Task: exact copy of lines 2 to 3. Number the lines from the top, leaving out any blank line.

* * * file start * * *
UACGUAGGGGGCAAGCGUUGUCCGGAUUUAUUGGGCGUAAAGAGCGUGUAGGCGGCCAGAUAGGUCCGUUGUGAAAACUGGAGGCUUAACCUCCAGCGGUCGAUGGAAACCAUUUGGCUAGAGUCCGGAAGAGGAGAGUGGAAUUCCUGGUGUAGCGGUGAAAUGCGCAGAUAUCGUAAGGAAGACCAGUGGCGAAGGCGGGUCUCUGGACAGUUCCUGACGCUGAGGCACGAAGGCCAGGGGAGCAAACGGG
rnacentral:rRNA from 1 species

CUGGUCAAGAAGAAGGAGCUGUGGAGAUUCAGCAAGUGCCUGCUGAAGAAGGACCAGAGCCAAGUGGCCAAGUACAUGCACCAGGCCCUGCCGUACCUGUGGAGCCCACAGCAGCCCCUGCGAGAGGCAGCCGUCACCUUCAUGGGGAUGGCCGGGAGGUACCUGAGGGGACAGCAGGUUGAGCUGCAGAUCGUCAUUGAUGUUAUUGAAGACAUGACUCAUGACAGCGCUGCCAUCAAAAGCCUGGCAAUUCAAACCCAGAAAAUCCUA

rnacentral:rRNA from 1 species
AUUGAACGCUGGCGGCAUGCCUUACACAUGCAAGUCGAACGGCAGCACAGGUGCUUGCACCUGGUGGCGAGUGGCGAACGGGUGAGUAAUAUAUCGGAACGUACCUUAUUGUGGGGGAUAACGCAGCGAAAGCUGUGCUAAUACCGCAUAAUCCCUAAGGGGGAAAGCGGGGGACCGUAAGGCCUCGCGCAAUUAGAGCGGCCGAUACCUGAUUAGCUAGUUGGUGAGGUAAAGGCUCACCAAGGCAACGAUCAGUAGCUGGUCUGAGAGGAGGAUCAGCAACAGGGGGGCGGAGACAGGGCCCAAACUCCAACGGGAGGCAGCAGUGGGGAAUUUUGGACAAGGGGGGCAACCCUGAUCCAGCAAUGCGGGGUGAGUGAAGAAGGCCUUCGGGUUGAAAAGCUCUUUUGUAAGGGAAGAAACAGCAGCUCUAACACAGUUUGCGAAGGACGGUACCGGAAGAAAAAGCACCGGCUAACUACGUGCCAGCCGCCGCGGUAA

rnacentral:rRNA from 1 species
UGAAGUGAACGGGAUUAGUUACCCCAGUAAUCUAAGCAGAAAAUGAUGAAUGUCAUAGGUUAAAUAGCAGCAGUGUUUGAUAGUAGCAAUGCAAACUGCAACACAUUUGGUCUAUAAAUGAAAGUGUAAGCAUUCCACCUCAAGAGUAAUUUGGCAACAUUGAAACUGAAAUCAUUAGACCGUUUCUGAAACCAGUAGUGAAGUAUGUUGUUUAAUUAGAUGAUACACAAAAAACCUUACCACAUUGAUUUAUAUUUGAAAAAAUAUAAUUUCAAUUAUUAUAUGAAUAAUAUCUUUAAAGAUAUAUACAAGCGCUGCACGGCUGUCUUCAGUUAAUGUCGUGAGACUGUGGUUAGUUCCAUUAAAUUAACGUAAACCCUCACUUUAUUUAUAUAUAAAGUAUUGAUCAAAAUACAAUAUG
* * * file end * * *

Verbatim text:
rnacentral:rRNA from 1 species

CUGGUCAAGAAGAAGGAGCUGUGGAGAUUCAGCAAGUGCCUGCUGAAGAAGGACCAGAGCCAAGUGGCCAAGUACAUGCACCAGGCCCUGCCGUACCUGUGGAGCCCACAGCAGCCCCUGCGAGAGGCAGCCGUCACCUUCAUGGGGAUGGCCGGGAGGUACCUGAGGGGACAGCAGGUUGAGCUGCAGAUCGUCAUUGAUGUUAUUGAAGACAUGACUCAUGACAGCGCUGCCAUCAAAAGCCUGGCAAUUCAAACCCAGAAAAUCCUA